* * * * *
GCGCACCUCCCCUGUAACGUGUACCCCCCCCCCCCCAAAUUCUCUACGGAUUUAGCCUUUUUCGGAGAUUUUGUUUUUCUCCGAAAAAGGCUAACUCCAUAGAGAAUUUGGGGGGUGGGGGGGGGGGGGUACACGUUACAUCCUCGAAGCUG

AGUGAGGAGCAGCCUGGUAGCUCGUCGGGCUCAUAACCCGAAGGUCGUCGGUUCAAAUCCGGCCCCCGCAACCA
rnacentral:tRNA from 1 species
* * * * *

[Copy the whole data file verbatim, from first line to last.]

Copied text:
GCGCACCUCCCCUGUAACGUGUACCCCCCCCCCCCCAAAUUCUCUACGGAUUUAGCCUUUUUCGGAGAUUUUGUUUUUCUCCGAAAAAGGCUAACUCCAUAGAGAAUUUGGGGGGUGGGGGGGGGGGGGUACACGUUACAUCCUCGAAGCUG

AGUGAGGAGCAGCCUGGUAGCUCGUCGGGCUCAUAACCCGAAGGUCGUCGGUUCAAAUCCGGCCCCCGCAACCA
rnacentral:tRNA from 1 species